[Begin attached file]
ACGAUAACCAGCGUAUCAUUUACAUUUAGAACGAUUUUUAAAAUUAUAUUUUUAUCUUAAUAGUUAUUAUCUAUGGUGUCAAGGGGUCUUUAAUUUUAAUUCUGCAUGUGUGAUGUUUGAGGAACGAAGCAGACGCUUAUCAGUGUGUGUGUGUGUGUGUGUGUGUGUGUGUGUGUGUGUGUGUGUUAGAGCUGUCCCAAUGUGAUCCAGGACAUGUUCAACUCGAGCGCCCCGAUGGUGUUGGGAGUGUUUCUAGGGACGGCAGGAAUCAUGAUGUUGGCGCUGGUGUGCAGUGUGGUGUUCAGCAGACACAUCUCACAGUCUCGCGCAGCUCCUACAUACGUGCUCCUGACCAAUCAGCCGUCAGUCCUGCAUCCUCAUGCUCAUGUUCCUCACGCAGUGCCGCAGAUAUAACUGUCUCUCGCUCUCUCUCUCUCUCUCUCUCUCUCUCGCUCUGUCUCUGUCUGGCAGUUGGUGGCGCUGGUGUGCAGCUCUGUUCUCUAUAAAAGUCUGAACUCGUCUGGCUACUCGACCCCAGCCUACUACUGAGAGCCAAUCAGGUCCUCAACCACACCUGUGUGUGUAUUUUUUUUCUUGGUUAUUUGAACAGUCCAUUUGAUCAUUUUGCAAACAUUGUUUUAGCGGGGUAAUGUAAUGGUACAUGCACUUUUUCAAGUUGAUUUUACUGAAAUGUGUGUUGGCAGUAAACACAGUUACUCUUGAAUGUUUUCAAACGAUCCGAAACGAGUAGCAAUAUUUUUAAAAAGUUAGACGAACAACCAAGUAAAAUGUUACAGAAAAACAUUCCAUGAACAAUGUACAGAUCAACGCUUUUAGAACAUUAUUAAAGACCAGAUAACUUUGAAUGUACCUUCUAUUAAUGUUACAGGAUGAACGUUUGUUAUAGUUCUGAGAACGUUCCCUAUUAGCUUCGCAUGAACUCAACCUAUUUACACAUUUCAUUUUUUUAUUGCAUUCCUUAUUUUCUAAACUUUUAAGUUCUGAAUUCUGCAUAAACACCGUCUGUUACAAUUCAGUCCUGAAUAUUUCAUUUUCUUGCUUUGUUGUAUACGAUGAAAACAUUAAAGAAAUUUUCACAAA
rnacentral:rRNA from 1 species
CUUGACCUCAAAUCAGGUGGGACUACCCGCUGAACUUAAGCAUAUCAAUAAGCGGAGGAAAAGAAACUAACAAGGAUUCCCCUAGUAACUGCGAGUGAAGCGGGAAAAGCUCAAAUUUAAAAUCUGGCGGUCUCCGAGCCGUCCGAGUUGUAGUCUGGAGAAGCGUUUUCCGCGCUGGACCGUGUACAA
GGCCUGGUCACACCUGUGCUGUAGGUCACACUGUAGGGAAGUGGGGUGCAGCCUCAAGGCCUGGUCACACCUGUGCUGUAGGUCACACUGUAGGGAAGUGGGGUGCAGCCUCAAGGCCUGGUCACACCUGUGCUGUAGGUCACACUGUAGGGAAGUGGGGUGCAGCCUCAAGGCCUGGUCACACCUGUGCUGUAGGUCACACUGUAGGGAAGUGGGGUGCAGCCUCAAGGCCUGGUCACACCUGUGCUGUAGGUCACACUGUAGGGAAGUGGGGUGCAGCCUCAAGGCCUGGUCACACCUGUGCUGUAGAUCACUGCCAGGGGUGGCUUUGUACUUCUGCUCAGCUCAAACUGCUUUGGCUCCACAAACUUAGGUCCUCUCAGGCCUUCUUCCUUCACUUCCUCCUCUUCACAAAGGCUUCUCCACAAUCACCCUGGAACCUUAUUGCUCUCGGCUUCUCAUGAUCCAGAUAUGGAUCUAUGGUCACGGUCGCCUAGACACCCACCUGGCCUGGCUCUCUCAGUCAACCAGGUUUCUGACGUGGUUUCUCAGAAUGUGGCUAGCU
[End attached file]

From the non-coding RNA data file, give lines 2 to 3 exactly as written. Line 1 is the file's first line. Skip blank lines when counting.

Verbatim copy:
rnacentral:rRNA from 1 species
CUUGACCUCAAAUCAGGUGGGACUACCCGCUGAACUUAAGCAUAUCAAUAAGCGGAGGAAAAGAAACUAACAAGGAUUCCCCUAGUAACUGCGAGUGAAGCGGGAAAAGCUCAAAUUUAAAAUCUGGCGGUCUCCGAGCCGUCCGAGUUGUAGUCUGGAGAAGCGUUUUCCGCGCUGGACCGUGUACAA